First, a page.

I have been thinking for a while about using high speed op amps as IF amps in a receiver. As mental as that might sound to some, it actually makes practical sense in someways. Gain is easy to set, impedance is easy to set, being that the IF is at a fixed frequency you are not worried about being broad banded and can tailor the circuit to suit by using a suitable op amp with sufficient bandwidth to do the job.
And that is where the problem lies, op amp gain bandwidth is given at unity gain, IE a gain of 1 and as soon as you start adding gain, you start losing bandwidth. This means that you need a unity bandwidth of Gain x MHz to be somewhere close and then you also need a op amp with a fast enough slew rate to deliver the waveform amplitude you desire.
Now there are what are called current controlled op amps that give much better gain bandwidths above unity, but they are kind of expensive and so that leaves using voltage controlled op amps and working around all its limitations, but as you start to get up there in unity gains above 300 MHz even they start becoming non cheap items also.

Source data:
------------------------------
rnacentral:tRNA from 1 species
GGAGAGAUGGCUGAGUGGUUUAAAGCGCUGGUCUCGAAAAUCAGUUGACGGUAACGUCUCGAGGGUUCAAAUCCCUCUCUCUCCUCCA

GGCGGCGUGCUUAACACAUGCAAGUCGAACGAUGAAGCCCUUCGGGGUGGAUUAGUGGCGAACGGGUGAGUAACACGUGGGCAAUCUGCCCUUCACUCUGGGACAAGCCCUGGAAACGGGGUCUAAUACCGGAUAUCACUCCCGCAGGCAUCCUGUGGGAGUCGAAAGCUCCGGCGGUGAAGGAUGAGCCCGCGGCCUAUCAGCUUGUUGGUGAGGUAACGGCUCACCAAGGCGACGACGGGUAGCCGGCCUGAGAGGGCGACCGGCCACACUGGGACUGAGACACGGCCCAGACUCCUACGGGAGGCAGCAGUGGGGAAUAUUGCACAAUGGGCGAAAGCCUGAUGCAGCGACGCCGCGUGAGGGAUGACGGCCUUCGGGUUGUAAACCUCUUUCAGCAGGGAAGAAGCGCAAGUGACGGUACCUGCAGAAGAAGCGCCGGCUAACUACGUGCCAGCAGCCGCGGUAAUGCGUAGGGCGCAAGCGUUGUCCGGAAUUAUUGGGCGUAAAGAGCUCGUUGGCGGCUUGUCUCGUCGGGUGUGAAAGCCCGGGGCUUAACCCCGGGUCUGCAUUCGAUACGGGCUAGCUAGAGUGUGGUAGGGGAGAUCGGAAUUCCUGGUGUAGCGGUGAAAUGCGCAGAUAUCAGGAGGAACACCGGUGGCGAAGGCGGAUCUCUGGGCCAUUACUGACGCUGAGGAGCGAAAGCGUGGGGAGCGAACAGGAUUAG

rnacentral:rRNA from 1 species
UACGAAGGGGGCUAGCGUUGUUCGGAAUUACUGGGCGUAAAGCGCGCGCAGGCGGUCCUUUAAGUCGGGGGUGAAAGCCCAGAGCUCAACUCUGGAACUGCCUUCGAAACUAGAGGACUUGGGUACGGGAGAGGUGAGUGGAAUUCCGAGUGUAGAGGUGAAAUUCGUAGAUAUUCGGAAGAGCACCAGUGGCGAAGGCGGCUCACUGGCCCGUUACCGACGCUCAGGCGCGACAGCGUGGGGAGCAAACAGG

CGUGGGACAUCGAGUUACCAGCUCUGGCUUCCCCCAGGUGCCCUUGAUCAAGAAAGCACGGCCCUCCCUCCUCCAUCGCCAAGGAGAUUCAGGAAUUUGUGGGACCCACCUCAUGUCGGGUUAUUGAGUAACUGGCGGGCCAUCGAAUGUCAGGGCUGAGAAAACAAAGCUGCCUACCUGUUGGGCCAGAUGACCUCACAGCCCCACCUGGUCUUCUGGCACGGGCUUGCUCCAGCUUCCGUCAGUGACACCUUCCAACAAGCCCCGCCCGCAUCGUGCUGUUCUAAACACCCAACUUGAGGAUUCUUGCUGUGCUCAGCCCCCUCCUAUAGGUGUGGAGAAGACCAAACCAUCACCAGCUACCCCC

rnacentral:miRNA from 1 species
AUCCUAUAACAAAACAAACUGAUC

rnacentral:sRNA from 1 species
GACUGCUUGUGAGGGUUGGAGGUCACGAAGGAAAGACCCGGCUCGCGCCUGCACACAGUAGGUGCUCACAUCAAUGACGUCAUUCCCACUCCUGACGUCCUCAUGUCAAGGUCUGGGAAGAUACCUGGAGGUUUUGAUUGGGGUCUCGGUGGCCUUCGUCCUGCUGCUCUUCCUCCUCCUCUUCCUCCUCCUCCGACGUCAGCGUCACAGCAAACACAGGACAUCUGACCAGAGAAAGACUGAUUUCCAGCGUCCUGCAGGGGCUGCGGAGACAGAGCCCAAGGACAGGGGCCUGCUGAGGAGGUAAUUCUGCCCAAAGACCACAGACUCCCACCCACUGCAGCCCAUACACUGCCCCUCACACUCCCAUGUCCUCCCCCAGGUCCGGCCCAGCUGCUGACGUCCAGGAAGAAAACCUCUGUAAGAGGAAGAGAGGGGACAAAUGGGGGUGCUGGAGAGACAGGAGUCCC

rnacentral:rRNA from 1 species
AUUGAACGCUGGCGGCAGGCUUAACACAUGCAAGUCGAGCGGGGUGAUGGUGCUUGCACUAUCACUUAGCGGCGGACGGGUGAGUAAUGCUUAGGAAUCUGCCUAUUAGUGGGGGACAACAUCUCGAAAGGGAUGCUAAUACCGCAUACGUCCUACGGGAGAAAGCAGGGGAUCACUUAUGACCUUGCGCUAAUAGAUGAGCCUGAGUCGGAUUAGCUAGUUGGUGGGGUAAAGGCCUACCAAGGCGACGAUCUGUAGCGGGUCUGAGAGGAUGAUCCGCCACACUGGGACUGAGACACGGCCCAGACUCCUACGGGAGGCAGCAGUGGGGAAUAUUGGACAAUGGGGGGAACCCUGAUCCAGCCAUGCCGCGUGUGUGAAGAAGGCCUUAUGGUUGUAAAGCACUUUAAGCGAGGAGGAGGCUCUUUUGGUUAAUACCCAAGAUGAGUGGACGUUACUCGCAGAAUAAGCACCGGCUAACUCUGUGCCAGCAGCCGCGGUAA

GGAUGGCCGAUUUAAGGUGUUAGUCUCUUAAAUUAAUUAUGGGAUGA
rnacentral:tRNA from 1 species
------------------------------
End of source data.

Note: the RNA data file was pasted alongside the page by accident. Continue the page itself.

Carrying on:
So a few weeks ago I was on one of the Chinese parts sellers just looking at all the different crap they have and for some reason I ended up in the op amp section and found an op amp with a few hundred MHz unity gain bandwidth for pretty cheap. And by cheap, i am talking in the 40c each kind of space. So i bought a few to try out.
So i built up the non inverting circuit as shown above. Which is quite simple to set the gain and the impedance’s just by changing the value of a few resistors.
This is the circuit built on the test board. While the op amp is an SMD part, its SOIC 8 so its big enough that even a dummy with coke bottle glasses could hand solder, but I am kind of slack in that regard so I used paste and hot air, i mean why not. LOL
You can see from the S21 gain plot that there is usable gain from 40m to 10m. I am not sure what that notch is, but i suspect that its an artifact from the nanovna, because a manual sweep of that section of spectrum using a function generator and oscilloscope did not show that dip.
Oh I should say that I have the gain set to 6x for this test. And slew rate was not an issue for 7MHz to 30MHz, with the op amp able to deliver 1.3v peak to peak quite happily. Below that, particularly around 80m, the op amp could not deliver much more than 500mV peak to peak. So for a 9MHz or 12MHz IF amplifier, the op amp might be a credible option.